Feenotes
Home & News About Feenotes Contact Feenotes Calendar Search the site
Artists
  • artists A to C
  • artists D to E
  • artists F to J
  • artists K
  • artists L
  • artists M
  • artists N
  • artists O
  • artists P to R
  • artists S to T
  • artists U to Z

  • Composers
  • composers A to E
  • composers F to J
  • composers K to O
  • composers P to T
  • composers U to Z

  • Groups
  • groups A to E
  • groups F to J
  • groups K to O
  • groups P to T
  • groups U to Z

  • Music
  • music A to E
  • music F to J
  • music K to O
  • music P to T
  • music U to Z

  • Site Search
  • search

  • Calendar
  • calendar

  • Forums
  • view forums
  • login
  • register
  • search
  •  

    Kenny, Tom

    Bass singer who kicked around with several groups in the 1940s, including The School Kids, until Uncle Sam called him away. 

     

    In 1946, he was drafted into The Twin Tones by arranger and singer-songwriter Alan Copeland, who was just returning from his tour of duty with the U.S. Navy.  Just a year later, Tom was moonlighting with The Blue Reys, named after bandleader Alvino Rey, with whom they recorded “If You Knew Suzie”, although it may never have been released.  In 1959, he was in the studio with Mel Torme, as a member of the Mel-Tones, recording tracks for the album, Back in Town.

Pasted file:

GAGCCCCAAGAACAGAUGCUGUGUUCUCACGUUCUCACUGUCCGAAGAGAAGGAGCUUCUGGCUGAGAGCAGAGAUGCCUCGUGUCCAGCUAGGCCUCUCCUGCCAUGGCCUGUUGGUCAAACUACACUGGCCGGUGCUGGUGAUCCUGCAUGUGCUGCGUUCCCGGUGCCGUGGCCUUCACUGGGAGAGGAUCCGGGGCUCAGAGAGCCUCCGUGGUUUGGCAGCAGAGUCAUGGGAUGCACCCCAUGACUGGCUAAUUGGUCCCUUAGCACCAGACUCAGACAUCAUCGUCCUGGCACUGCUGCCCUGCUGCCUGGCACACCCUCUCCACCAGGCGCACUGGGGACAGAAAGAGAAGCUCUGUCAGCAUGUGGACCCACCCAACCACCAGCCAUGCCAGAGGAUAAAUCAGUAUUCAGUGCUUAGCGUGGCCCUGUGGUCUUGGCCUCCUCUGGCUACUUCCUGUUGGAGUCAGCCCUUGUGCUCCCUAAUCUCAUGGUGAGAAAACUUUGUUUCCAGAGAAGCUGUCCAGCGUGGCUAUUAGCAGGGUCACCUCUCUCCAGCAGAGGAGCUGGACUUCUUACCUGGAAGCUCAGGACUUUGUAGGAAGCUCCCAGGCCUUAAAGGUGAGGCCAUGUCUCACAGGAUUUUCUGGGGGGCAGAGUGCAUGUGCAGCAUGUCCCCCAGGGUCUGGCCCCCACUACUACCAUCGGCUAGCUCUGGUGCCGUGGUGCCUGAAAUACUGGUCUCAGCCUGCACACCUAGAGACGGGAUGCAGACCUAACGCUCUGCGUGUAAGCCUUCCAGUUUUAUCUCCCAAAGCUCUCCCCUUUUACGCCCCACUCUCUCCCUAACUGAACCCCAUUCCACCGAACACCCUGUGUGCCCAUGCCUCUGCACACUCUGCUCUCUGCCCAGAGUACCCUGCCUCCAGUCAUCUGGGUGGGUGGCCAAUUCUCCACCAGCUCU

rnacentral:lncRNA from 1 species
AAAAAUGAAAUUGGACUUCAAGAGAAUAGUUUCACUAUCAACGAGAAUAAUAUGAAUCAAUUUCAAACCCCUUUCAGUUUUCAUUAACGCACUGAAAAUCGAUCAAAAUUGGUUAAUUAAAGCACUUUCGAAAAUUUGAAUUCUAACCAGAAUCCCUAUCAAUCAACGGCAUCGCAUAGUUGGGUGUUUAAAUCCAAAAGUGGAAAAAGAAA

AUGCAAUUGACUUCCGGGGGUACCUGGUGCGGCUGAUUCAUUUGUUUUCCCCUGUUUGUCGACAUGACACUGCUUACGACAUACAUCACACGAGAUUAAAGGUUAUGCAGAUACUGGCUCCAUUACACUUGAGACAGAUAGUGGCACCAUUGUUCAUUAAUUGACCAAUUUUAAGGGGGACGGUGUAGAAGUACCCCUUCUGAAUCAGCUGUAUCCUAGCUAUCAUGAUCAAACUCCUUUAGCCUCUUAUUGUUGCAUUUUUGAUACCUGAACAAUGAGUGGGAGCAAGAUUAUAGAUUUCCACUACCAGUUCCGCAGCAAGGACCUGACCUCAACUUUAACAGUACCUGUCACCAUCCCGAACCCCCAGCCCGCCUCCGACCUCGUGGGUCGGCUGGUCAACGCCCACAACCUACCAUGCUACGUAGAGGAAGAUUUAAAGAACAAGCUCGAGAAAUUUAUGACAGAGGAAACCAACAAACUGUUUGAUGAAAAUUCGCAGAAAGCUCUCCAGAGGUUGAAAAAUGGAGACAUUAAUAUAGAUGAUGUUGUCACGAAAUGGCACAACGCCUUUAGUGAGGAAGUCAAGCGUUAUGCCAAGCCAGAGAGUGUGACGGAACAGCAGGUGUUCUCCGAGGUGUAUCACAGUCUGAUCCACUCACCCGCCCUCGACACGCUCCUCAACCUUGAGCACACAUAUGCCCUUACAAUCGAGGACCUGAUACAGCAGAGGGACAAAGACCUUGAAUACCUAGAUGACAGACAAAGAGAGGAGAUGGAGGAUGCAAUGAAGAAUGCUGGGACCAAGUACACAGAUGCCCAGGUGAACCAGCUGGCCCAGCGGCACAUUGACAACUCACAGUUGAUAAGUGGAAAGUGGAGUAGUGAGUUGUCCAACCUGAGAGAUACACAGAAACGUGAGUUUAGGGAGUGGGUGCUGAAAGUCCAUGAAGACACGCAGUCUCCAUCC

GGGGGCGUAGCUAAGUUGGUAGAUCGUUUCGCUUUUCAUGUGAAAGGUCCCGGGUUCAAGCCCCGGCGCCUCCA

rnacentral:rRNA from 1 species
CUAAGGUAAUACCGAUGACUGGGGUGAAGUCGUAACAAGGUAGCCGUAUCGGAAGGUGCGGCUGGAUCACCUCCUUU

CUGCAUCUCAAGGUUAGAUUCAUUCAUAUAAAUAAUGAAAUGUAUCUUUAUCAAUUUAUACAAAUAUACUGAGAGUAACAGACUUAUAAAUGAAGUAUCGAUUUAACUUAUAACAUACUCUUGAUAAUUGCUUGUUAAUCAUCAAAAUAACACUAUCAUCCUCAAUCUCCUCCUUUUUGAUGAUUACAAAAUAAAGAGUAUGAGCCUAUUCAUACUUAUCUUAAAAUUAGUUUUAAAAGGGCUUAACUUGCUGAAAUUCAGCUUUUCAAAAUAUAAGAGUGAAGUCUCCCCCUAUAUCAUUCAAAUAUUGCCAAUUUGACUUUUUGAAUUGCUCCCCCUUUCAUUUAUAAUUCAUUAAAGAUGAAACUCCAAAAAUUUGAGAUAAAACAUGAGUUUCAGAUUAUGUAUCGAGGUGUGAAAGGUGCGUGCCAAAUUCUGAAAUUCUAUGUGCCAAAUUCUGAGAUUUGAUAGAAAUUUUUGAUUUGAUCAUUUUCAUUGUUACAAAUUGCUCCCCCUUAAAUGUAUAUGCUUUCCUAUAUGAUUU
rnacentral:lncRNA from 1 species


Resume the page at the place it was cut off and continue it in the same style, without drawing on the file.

His most famous recording may be “Moon River”, which he recorded with Henry Mancini in 1960 for inclusion in the film, Breakfast at Tiffany’s, released the following year.  A decade later, he was in the studio with Billy May and the Time-Life Orchestra, recording “Moonlight Cocktail” and “Serenade in Blue”, which were featured on the albums, The Swing Era Encore:  The Day of the Great Entertainers and The Swing Era Curtain Call:  The Sounds of Swing, respectively.  In 1973, he was one of the backing vocalists on the recording of The Music of Bob Friedman. 

     

    His last recording appears to be Frank Sinatra’s 1979 boxed set, Trilogy, although he appears on several CD re-packagings, including Sam Cooke’s Portrait of a Legend:  1951-1964, Eartha Kitt’s Eartha Quake, and Blues in the Night:  The Johnny Mercer Songbook.

     

    Sources:

    1. http://www.jazzconnectionmag.com/alan_copeland_article.htm
    2. http://popculturefanboy.blogspot.com/2008/10/october-9-2008-happy-birthdays-1940.html
    3. http://www.archive.org/details/SoundieL
    4. http://www.jazzdisco.org/verve-records/catalog-popular-2100-series/
    5. http://www.allmusic.com/cg/amg.dll?p=amg&sql=10:0ifoxq8gldse~T2
    6. http://bjbear71.com/Hank/Hank-LPRCAVictor-2.html
    7. http://popculturefanboy.blogspot.com/2008/10/october-28-2008-happy-birthday-1936.html
    8. http://www.attictoys.com/jazz/BP64-80.HTM
    9. http://www.jazzstore.com/product/Various-Artists-Complete-Johnny-Mercer-Songbook/8002520
    10. http://www.suncoast.com/Eartha-Quake-Front-Page_stcVVproductId1682677VVcatId455365VVviewprod.htm
    11. http://mfhorn.net/discography/compelations/Johnny%20Mercer%20Songbook%20-%20Blues%20in%20the%20Night.htm
    12. http://shopping.yahoo.com/p:Tom%20Kenny:1927075342:page=discography:subpage=also-appears-on

         

     

     

     

     

     

     

     

     



    © Feenotes 2006-2013